A challenge for the new FACTI Panel: to put the interests of the Global South at its heart
February 18th, 2020
A new global UN high-level panel on financial accountability, transparency and integrity (FACTI) aimed at helping to realize the SDGs by 2030 will be launched in March 2020.
The FACTI panel is organised under the UN’s Economic and Social Council (ECOSOC) and the UN General Assembly. It will be hosted by UN’s Department of Economic and Social Affairs (UN-DESA) and it takes its mandate from the outcome of the 2015 Addis Ababa Financing for Development (FFD) Conference.
The launch of the FACTI panel by these UN agencies creates an opportunity to put the spotlight back onto the role of illicit financial flows (IFFs) in harming developing countries and making it harder to achieve the Sustainable Development Goals. IFFs deprive poorer countries of an estimated $416 billion in tax revenue every year. This level of potential revenue could be transformative in guaranteeing access to rights and essential services, such as universal healthcare, education or gender equity.
One immediate problem that the FACTI panel needs to address is that of the representation and influence of the Global South when decisions are made. The heart of the challenge is to face up to the harm caused by policies, practices and laws that have been established in the Global North, enabling asset stripping of developing country economies by wealthy global elites, and underpinning a growth in IFFs and tax havens in the Global South. As stated by Alvin Mosioma of Tax Justice Network Africa: “Efforts by African countries to address poverty and achieve sustainable development goals will remain a mirage if countries do not stem Illicit financial flows and invest in building equitable tax systems”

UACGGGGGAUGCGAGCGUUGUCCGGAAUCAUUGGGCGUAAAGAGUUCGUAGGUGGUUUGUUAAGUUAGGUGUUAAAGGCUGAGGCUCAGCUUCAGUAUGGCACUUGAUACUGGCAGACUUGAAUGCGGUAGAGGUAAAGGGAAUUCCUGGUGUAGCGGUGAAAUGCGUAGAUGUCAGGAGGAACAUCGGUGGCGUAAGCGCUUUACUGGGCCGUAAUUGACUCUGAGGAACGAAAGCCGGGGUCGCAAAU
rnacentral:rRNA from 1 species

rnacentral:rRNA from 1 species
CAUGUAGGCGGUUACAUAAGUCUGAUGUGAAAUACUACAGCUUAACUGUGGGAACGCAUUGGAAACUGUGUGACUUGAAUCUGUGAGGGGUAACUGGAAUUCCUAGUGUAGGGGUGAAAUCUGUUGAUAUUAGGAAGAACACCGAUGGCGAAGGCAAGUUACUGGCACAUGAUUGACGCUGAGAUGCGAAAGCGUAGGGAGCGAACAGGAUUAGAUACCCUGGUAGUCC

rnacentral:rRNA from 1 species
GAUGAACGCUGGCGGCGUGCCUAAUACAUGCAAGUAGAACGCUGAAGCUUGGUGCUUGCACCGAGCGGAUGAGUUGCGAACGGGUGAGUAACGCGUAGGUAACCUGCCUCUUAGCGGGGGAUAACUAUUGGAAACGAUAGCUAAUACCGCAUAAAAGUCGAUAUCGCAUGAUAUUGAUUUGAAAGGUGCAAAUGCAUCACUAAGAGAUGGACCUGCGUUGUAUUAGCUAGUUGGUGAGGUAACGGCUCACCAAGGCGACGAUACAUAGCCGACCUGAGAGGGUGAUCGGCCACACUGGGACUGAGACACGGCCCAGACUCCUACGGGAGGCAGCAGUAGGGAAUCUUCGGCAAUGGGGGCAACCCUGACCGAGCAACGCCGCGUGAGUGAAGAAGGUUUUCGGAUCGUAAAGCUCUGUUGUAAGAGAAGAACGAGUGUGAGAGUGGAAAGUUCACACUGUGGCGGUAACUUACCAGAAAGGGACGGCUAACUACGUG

The FACTI panel will be reflecting on global efforts to address transparency in the global financial system looking at money laundering, tax avoidance and profit shifting practices by multinational corporations. As it does so, it must also prioritise recommendations on how to create decision-making structures that are inclusive, accountable and spearheaded by the needs and vision of the Global South. One logical step would be the creation of an inclusive UN Tax Commission, which was proposed by the developing country group in the UN last year but opposed by many countries in the Global North.
There is some room for optimism. The launch of the panel by Norway and Nigeria has caught some of the usual power holders off-guard and opens up room for a new approach that is rooted in delivering the SDGs from a southern perspective. As a UN ‘owned’ panel, it cares not just about numbers, but about impact – on the SDGs, Human Rights, Gender and Inequalities.